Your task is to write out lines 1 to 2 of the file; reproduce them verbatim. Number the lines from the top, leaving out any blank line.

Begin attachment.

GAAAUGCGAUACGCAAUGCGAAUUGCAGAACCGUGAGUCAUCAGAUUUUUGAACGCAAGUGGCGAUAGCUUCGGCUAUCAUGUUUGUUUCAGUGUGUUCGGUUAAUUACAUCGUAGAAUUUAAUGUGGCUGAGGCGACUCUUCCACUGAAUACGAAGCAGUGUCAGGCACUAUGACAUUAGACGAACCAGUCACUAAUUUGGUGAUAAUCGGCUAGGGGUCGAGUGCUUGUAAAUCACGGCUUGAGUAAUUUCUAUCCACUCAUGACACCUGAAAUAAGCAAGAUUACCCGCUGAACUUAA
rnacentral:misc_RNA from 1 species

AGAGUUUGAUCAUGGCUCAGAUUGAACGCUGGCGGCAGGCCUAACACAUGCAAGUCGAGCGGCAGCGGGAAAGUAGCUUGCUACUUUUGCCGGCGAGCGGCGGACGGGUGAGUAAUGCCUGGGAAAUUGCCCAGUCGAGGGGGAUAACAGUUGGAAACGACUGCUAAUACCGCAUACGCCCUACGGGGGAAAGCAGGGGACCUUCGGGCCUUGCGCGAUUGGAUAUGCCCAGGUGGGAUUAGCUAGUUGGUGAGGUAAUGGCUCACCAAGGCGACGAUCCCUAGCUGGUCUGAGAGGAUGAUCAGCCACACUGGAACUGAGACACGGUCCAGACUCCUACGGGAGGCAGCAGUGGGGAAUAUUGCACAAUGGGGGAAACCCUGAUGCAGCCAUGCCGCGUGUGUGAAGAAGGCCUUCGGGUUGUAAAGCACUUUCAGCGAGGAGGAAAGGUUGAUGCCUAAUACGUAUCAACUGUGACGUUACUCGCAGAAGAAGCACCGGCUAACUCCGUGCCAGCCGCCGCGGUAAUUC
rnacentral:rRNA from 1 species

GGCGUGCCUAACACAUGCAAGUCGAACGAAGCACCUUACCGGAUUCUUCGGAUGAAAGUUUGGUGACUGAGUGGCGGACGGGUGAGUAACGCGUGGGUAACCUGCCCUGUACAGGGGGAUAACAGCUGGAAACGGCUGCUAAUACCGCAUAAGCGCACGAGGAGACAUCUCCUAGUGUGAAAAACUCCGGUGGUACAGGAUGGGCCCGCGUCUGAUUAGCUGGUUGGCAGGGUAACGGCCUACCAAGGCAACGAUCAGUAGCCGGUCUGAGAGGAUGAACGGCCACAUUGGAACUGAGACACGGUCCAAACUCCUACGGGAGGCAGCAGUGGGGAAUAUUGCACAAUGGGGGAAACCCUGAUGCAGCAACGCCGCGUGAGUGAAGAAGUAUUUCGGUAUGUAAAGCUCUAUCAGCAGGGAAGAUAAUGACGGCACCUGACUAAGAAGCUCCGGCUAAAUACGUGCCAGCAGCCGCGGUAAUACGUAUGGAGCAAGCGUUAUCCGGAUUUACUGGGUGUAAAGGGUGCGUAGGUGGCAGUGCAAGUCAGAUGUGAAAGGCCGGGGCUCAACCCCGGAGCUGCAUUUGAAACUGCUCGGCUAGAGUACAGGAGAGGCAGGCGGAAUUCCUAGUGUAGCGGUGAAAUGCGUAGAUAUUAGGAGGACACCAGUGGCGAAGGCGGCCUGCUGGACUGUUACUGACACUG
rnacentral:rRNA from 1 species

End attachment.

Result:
GAAAUGCGAUACGCAAUGCGAAUUGCAGAACCGUGAGUCAUCAGAUUUUUGAACGCAAGUGGCGAUAGCUUCGGCUAUCAUGUUUGUUUCAGUGUGUUCGGUUAAUUACAUCGUAGAAUUUAAUGUGGCUGAGGCGACUCUUCCACUGAAUACGAAGCAGUGUCAGGCACUAUGACAUUAGACGAACCAGUCACUAAUUUGGUGAUAAUCGGCUAGGGGUCGAGUGCUUGUAAAUCACGGCUUGAGUAAUUUCUAUCCACUCAUGACACCUGAAAUAAGCAAGAUUACCCGCUGAACUUAA
rnacentral:misc_RNA from 1 species